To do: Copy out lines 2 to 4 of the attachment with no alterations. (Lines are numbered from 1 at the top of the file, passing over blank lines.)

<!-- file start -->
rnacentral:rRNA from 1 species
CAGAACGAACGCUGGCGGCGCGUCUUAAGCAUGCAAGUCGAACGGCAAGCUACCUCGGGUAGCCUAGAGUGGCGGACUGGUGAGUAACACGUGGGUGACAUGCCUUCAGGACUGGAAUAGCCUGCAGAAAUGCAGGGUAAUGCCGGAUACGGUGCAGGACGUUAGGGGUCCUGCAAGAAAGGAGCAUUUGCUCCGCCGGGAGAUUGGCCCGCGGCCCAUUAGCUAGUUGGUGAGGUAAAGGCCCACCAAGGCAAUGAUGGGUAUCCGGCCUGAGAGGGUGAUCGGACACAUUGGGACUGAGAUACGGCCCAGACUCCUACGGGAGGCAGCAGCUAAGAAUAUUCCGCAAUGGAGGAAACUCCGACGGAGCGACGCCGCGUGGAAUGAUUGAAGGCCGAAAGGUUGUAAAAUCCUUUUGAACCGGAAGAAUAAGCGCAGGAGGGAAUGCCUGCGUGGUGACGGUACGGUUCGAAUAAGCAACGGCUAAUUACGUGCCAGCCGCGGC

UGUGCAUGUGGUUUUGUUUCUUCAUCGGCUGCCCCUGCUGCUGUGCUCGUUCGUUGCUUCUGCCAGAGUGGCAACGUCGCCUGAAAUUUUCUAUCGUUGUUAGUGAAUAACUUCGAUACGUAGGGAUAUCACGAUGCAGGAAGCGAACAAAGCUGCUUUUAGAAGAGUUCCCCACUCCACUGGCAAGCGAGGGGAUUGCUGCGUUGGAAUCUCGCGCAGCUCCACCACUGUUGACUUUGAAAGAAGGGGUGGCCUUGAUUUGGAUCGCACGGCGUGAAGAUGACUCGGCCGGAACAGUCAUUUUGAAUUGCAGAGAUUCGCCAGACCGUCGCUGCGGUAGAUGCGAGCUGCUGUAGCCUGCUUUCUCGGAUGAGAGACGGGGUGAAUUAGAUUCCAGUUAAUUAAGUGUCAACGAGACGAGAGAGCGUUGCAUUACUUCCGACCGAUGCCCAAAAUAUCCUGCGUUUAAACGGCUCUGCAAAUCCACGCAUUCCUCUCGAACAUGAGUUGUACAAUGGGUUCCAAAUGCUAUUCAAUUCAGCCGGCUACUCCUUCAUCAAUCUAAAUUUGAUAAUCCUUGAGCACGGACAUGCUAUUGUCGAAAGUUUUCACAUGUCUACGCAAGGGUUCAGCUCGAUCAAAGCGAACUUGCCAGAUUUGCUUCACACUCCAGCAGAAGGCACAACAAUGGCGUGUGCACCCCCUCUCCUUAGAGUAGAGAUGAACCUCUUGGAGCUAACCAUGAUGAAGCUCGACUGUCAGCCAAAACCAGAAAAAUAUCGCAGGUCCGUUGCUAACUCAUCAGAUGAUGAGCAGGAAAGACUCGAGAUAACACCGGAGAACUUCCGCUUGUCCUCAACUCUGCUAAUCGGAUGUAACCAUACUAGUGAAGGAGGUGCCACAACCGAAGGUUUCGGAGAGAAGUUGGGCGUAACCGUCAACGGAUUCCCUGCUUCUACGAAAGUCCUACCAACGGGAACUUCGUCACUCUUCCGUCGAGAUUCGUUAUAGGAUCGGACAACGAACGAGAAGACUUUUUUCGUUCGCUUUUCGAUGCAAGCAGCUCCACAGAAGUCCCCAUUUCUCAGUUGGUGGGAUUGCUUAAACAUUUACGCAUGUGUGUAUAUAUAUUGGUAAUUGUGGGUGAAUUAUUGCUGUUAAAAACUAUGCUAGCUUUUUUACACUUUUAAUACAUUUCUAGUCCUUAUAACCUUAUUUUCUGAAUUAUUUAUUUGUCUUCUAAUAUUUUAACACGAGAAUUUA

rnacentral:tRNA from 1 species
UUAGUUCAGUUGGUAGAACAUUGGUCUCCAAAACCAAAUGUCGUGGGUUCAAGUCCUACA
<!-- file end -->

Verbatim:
CAGAACGAACGCUGGCGGCGCGUCUUAAGCAUGCAAGUCGAACGGCAAGCUACCUCGGGUAGCCUAGAGUGGCGGACUGGUGAGUAACACGUGGGUGACAUGCCUUCAGGACUGGAAUAGCCUGCAGAAAUGCAGGGUAAUGCCGGAUACGGUGCAGGACGUUAGGGGUCCUGCAAGAAAGGAGCAUUUGCUCCGCCGGGAGAUUGGCCCGCGGCCCAUUAGCUAGUUGGUGAGGUAAAGGCCCACCAAGGCAAUGAUGGGUAUCCGGCCUGAGAGGGUGAUCGGACACAUUGGGACUGAGAUACGGCCCAGACUCCUACGGGAGGCAGCAGCUAAGAAUAUUCCGCAAUGGAGGAAACUCCGACGGAGCGACGCCGCGUGGAAUGAUUGAAGGCCGAAAGGUUGUAAAAUCCUUUUGAACCGGAAGAAUAAGCGCAGGAGGGAAUGCCUGCGUGGUGACGGUACGGUUCGAAUAAGCAACGGCUAAUUACGUGCCAGCCGCGGC

UGUGCAUGUGGUUUUGUUUCUUCAUCGGCUGCCCCUGCUGCUGUGCUCGUUCGUUGCUUCUGCCAGAGUGGCAACGUCGCCUGAAAUUUUCUAUCGUUGUUAGUGAAUAACUUCGAUACGUAGGGAUAUCACGAUGCAGGAAGCGAACAAAGCUGCUUUUAGAAGAGUUCCCCACUCCACUGGCAAGCGAGGGGAUUGCUGCGUUGGAAUCUCGCGCAGCUCCACCACUGUUGACUUUGAAAGAAGGGGUGGCCUUGAUUUGGAUCGCACGGCGUGAAGAUGACUCGGCCGGAACAGUCAUUUUGAAUUGCAGAGAUUCGCCAGACCGUCGCUGCGGUAGAUGCGAGCUGCUGUAGCCUGCUUUCUCGGAUGAGAGACGGGGUGAAUUAGAUUCCAGUUAAUUAAGUGUCAACGAGACGAGAGAGCGUUGCAUUACUUCCGACCGAUGCCCAAAAUAUCCUGCGUUUAAACGGCUCUGCAAAUCCACGCAUUCCUCUCGAACAUGAGUUGUACAAUGGGUUCCAAAUGCUAUUCAAUUCAGCCGGCUACUCCUUCAUCAAUCUAAAUUUGAUAAUCCUUGAGCACGGACAUGCUAUUGUCGAAAGUUUUCACAUGUCUACGCAAGGGUUCAGCUCGAUCAAAGCGAACUUGCCAGAUUUGCUUCACACUCCAGCAGAAGGCACAACAAUGGCGUGUGCACCCCCUCUCCUUAGAGUAGAGAUGAACCUCUUGGAGCUAACCAUGAUGAAGCUCGACUGUCAGCCAAAACCAGAAAAAUAUCGCAGGUCCGUUGCUAACUCAUCAGAUGAUGAGCAGGAAAGACUCGAGAUAACACCGGAGAACUUCCGCUUGUCCUCAACUCUGCUAAUCGGAUGUAACCAUACUAGUGAAGGAGGUGCCACAACCGAAGGUUUCGGAGAGAAGUUGGGCGUAACCGUCAACGGAUUCCCUGCUUCUACGAAAGUCCUACCAACGGGAACUUCGUCACUCUUCCGUCGAGAUUCGUUAUAGGAUCGGACAACGAACGAGAAGACUUUUUUCGUUCGCUUUUCGAUGCAAGCAGCUCCACAGAAGUCCCCAUUUCUCAGUUGGUGGGAUUGCUUAAACAUUUACGCAUGUGUGUAUAUAUAUUGGUAAUUGUGGGUGAAUUAUUGCUGUUAAAAACUAUGCUAGCUUUUUUACACUUUUAAUACAUUUCUAGUCCUUAUAACCUUAUUUUCUGAAUUAUUUAUUUGUCUUCUAAUAUUUUAACACGAGAAUUUA

rnacentral:tRNA from 1 species